Business / Corporate

Japan opposed Renault-Nissan merger via METI in spring 2018, French newspaper reports

Bloomberg

The Japanese government intervened to block any potential merger plans between Nissan Motor Co. and Renault SA in spring last year, French newspaper Journal Du Dimanche reported on Sunday, citing email messages between executives and state officials.

The emails dating from April 23 to May 22, 2018, show that the Ministry of Economy, Trade and Industry weighed in to stop any merger discussions between the two carmakers, JDD reported, without saying how it got access to the messages, which were either addressed directly to former Renault-Nissan Chairman Carlos Ghosn or in which he was copied as one of the recipients.

JDD reported that the first of the emails came from Nissan executive Hari Nada following a meeting in which his Renault counterpart Mouna Sehperi, and Martin Vial, the head of France’s public body for state holdings APE, were also present.

Nada’s email said that Nissan favors a status quo in the alliance, and would later prefer a “re-balancing of the shareholding” with Renault decreasing its stake in Nissan and Nissan boosting its own in Renault, while the French state would ultimately pull out of the alliance completely. APE’s Vial is reported as signaling that the French government couldn’t accept “too big a sacrifice for Renault” unless a merger is set in motion, JDD reports.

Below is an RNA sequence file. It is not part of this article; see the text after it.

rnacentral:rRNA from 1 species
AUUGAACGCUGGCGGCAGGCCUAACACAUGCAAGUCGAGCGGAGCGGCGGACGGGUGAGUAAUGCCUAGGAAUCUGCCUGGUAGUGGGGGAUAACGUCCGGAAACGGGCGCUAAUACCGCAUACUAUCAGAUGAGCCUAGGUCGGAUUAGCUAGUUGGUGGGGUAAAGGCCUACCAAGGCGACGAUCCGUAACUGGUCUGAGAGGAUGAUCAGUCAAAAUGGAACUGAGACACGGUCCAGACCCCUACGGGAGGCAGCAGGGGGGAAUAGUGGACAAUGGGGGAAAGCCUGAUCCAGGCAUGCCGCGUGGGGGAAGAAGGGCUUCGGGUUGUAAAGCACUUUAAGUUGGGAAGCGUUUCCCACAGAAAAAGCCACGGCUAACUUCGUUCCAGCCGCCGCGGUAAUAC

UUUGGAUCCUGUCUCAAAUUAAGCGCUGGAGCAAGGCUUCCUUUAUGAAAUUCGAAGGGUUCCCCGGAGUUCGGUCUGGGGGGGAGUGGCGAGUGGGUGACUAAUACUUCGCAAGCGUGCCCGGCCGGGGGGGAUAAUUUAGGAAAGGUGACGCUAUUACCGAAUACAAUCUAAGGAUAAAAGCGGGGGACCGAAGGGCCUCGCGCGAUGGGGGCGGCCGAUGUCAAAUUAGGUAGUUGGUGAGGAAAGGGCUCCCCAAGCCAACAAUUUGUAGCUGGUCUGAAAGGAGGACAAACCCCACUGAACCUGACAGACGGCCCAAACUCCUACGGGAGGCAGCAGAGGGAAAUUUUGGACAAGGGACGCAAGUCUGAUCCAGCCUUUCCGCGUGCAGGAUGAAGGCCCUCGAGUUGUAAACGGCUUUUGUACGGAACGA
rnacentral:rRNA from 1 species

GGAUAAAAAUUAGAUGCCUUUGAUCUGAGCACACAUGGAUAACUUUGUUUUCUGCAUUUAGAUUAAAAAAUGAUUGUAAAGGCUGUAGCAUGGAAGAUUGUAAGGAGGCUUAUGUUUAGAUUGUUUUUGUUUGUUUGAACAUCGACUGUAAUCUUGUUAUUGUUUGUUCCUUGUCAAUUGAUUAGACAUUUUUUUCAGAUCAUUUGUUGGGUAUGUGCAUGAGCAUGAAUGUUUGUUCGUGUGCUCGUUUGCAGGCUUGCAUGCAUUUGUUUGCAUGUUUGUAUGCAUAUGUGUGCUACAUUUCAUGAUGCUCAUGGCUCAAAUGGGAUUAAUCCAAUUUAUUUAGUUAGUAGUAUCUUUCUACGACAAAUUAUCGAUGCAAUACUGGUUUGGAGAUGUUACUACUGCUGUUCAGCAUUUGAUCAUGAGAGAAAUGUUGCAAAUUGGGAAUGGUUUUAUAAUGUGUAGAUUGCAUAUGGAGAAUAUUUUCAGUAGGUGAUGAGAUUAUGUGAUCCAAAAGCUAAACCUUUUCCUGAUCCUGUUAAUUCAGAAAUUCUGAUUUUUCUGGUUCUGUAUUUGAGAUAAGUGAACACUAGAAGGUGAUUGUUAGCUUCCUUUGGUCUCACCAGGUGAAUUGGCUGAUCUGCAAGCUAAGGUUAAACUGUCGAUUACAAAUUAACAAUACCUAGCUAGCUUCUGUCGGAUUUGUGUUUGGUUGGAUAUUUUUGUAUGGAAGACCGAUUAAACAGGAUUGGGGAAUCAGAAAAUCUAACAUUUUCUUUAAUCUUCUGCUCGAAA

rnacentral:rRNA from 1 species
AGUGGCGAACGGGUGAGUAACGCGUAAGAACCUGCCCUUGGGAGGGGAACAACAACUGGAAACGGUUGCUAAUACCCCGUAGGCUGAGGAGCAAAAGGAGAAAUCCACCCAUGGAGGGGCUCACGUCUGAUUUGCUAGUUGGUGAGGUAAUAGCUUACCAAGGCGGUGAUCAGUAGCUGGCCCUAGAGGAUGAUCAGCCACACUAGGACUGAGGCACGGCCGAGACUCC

In one of the following messages, Nissan’s public affairs Vice President Hitoshi Kawaguchi described officials from METI as “fearing that the French government further pressures Carlos Ghosn ahead of the next general assembly” toward pushing for a merger. JDD quoted Kawaguchi as saying in the email that he asked METI officials “not to be too aggressive” toward their French counterparts at a time when things were calming down.

Kawaguchi later emailed a memorandum of understanding from METI, which highlighted that Nissan’s independence must be respected.

No one at the French Finance Ministry, which oversees the APE, or at Renault were immediately available to comment.